Kovid tracking apps in the UK save lives; Brazil ignores the measure – 05/16/2021

Kovid tracking apps in the UK save lives;  Brazil ignores the measure - 05/16/2021

A new study suggests that the use of contact tracking systems has helped save thousands of lives in the UK. The survey published by the magazine “Nature” stated that around 9,000 people were rescued in England and Wales Applications NHS Kovid-19, which uses a disease risk reporting system developed by Apple and Google. Brazil has a similar solution with the Coronavirus-SUS app, but it has not Very successful due to lack of explanation and proliferation of equipment.

a The research Shows that the NHS app, the British public health system, may have saved the lives of 4,200 to 8,700 people – the UK has recorded more than 128,000 deaths so far from the Kovid-19. According to the study, each percentage increase in application usage resulted in a decrease of 0.79% of cases.

“Our analysis suggests that a large number of Kovid-19 cases were prevented by contact tracking via the NHS application, ranging from approximately 100,000 to 900,000, depending on methodological details,” the study noted.

The researchers assessed the use of the app between September and December 2020. In total, 16.5 million people installed the application (equivalent to 28% of the UK population), and 1.7 million exposure notifications were sent.

Integration with tests

The study suggests that the integration of applications with the COVID-19 tests was important to control the spread of the disease. This is because “tests are done automatically through app trigger actions, without the need for the user to enter results into the app”, which speeds up contact tracking.

In addition, the study theorizes about how the functionality of applications contributed to their effectiveness. The survey shows that people who installed the app maintained social distance above what they would have done had they not had the app, because they would have known that “it monitors distance and quarantines later May recommend “.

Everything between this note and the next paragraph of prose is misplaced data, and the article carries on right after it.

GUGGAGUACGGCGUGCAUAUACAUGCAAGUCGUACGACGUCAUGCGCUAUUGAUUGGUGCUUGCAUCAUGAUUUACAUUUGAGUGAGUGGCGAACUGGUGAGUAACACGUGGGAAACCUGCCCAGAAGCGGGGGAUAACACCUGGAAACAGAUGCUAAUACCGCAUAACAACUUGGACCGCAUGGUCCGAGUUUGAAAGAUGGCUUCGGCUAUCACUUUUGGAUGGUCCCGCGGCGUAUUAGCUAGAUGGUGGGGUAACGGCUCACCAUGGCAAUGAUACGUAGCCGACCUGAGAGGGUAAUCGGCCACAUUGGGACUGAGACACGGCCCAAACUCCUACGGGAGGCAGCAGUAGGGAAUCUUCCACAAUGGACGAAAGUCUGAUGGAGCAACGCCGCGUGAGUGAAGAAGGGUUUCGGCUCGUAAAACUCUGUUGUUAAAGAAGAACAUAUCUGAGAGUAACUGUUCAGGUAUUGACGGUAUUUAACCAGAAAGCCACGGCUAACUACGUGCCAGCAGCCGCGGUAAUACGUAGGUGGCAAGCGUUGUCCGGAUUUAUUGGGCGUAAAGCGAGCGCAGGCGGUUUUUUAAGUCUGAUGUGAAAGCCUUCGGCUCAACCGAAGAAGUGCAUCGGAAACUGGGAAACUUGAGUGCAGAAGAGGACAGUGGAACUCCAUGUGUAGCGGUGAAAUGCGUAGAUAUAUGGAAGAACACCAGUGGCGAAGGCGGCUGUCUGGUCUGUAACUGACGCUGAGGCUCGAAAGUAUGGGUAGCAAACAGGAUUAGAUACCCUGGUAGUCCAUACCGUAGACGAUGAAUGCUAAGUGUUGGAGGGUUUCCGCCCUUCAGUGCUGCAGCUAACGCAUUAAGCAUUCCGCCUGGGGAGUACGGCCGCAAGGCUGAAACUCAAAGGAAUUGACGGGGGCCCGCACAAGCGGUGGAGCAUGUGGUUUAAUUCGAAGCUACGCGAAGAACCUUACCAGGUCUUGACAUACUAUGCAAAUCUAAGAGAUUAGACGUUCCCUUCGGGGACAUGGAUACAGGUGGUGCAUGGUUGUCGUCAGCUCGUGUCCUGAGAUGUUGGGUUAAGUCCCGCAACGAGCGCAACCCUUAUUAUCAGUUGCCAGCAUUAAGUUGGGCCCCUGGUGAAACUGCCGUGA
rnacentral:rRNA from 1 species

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“Smartphone use is already global and therefore, privacy-protecting contact tracking applications should be integrated into the public health toolkit,” the study concludes.

In Brazil, the app failed due to lack of use

A lot of people didn’t even know, but in March 2020, the government released the app Coronavirus-SUS, which later came to undertake contact tracking. The operation was similar to the NHS app, that is, it would be possible to detect when someone came to you using the Bluetooth feature of a cell phone.

However, it The national app “flopped” basically because no one explained how the device works And because there is no campaign showing the benefits of the application.

Coronavirus-SUS began using Apple and Google technology in August last year. It was revealed mainly on the YouTube channel of the Ministry of Press and Health, which at the time was viewed less than 10,000 times.

Little disclosure may be reflected in the minimal adhesion of Brazilians to the resource. As of April this year, Coronavirus-SUS had 61.5 million downloads, according to Tilt data from the Ministry of Health. But by February 2021 there were only 2.3 million active users, i.e. less than 1% of the Brazilian population.

However, Claudio Miselli, professor of systems and computer engineering at the UFRJ (Federal University of Rio de Janeiro), does not attribute the failure of coronavirus-SUS to mere lack of disclosure. He claims that contact tracking comes against a technical problem that troubles Brazilians: battery of batteries smart Fone.

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“In general, Brazilians generally don’t keep Bluetooth on, because it drains the battery. The app makes sense from a technical standpoint, but in practice, perhaps, it won’t be enough for Brazil,” he explained. .

Another issue raised by them is that every Brazilian has a smartphone and the SUS app has limited compatibility – to use it, one must Iphone At least iOS 13 or a. with Cell With Android 6.0 or higher.

About the author: Raven Weber

Musicaholic. Unapologetic alcohol maven. Social media expert. Award-winning coffee evangelist. Typical thinker.

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